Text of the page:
Development Bureau's statement on "The Pulse"
In response to media enquiries today (August 31) about a political party's suggestion that Government could give consent to the developer of "The Pulse" shopping centre in Repulse Bay to lease out the shops in parallel with the premium negotiation between the developer and the Lands Department, a spokesman for the Development Bureau said that such a proposal was not worthy of consideration.
"In replying to that political party, the Lands Department had already explained in detail that its suggestion is not viable and is not consistent with established practice," the spokesman said.
"We must point out that in this case, the concerned lot is the Remaining Portion of Rural Building Lot No. 368 ('the Lot'). The owner completed the above building on the Lot without Government's consent in breach of the lease conditions. Notwithstanding that the building plans for the redevelopment of the Lot were disapproved by Lands Department, the owner chose to build without Government's consent despite the Government's repeated warnings.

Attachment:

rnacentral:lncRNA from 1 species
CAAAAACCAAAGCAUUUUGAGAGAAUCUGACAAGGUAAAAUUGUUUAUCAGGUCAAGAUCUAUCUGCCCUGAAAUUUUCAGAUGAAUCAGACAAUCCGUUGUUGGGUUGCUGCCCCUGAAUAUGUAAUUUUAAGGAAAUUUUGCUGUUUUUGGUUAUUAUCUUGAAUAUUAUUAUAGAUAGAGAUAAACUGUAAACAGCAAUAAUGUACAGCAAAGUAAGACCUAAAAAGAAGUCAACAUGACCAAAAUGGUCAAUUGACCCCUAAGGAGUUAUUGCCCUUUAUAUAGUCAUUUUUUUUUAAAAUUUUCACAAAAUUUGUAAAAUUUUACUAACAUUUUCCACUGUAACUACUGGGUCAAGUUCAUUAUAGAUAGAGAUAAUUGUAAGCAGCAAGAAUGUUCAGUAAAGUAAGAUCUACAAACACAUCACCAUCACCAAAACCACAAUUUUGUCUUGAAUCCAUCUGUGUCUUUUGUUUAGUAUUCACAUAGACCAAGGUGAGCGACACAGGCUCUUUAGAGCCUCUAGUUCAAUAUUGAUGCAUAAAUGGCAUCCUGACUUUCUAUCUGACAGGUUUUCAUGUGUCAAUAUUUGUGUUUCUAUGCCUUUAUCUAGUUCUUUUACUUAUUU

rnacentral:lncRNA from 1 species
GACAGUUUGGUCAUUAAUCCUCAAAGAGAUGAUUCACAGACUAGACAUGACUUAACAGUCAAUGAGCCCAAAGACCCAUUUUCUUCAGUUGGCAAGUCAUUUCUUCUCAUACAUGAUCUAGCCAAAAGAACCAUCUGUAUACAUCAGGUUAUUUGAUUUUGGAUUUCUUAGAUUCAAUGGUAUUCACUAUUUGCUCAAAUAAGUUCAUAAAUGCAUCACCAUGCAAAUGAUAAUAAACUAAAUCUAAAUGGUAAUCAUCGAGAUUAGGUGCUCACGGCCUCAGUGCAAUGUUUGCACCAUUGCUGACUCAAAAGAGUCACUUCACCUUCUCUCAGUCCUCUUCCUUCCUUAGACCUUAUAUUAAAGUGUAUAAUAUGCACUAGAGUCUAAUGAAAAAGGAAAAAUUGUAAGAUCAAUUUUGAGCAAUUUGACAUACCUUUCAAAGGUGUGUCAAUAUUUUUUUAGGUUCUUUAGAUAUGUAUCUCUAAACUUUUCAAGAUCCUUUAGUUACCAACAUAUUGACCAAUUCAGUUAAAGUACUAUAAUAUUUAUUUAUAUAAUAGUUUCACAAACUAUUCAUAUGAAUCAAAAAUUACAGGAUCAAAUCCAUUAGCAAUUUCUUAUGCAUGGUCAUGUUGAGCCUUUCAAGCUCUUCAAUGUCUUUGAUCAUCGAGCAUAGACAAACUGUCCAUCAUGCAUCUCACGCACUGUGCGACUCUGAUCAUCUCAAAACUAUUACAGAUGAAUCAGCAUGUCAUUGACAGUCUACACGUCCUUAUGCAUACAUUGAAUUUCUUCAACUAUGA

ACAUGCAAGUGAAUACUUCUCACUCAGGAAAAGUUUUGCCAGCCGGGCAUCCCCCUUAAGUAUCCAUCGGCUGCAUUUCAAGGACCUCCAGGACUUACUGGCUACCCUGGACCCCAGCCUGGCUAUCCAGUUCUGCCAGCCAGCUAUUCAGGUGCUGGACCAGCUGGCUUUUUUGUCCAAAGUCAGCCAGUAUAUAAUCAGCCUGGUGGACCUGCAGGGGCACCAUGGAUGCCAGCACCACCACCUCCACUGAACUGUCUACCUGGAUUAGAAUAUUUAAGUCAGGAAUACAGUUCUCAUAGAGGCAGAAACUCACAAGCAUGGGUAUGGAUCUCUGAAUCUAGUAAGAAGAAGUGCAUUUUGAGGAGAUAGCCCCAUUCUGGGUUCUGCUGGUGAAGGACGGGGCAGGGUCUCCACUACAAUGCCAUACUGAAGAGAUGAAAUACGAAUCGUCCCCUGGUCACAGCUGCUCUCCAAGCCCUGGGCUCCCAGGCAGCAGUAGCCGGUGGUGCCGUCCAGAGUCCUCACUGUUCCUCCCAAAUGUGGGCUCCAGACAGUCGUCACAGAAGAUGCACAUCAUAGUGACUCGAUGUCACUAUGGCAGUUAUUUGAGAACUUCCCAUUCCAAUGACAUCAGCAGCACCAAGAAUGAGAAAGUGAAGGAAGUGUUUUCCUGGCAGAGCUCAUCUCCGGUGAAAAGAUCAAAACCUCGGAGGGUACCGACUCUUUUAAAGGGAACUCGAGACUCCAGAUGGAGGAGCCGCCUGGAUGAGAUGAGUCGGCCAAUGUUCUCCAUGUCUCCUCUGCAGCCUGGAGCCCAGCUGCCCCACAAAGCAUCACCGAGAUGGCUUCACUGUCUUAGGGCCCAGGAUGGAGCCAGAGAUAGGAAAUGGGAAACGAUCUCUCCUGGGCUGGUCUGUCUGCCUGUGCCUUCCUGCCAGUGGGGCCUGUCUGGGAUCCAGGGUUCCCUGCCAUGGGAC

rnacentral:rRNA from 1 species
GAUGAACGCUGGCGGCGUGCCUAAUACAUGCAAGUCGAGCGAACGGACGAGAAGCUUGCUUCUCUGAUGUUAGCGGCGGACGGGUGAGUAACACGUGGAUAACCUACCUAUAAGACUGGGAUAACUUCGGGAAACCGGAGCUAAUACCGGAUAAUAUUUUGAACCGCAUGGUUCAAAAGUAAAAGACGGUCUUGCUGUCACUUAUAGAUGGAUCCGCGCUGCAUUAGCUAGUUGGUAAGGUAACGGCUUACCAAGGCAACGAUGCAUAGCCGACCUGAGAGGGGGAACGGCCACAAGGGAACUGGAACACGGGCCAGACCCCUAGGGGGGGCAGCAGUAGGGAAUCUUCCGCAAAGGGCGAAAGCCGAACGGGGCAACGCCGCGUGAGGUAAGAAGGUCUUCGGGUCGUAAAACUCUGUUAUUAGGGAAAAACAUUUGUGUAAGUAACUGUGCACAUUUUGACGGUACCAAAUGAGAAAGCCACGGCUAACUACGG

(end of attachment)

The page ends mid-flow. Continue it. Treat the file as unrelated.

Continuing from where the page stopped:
"The owner has initiated legal proceedings which was dismissed by the judgement of the Court of First Instance. The owner's solicitors have lodged a Notice of Appeal, but to-date they have not fixed a date for hearing the appeal.
"The case is concerned with a breach of lease condition and involved a sizable land premium for the grant of consent under the lease. Any suggestion to allow the developer to bring into operation the built premises, let alone to lease shops to third parties, will send a most undesirable message to lessees and has adverse implication on our land administration practice.
"Further, the interests of the tenants who would be subject to the tenancies to be created under the circumstances described in such suggestion would not be adequately safeguarded in view that the consent under the lease and land premium issues have not yet been concluded."
The spokesman added that the owner had without prejudice to its appeal with the court submitted to Lands Department its application for consent under the lease subject to payment of land premium and Lands Department had made a binding basic terms offer, including the premium amount, to the owner. As a matter of fact the owner has submitted a premium appeal submission to the Lands Department quite recently.
The spokesman said, "There is an established procedure for Lands Department to deal with an appeal against the land premium and the associated premium negotiations. The Lands Department does not see any reason not to apply the procedure to this case."
The spokesman noted that the Lands Department was acting in the capacity of a private landlord to process the owner's redevelopment on the Lot in accordance with the applicable procedures. It was the owner's responsibility to obtain consent under the lease before commencing its redevelopment.
Ends/Wednesday, August 31, 2011
Issued at HKT 20:30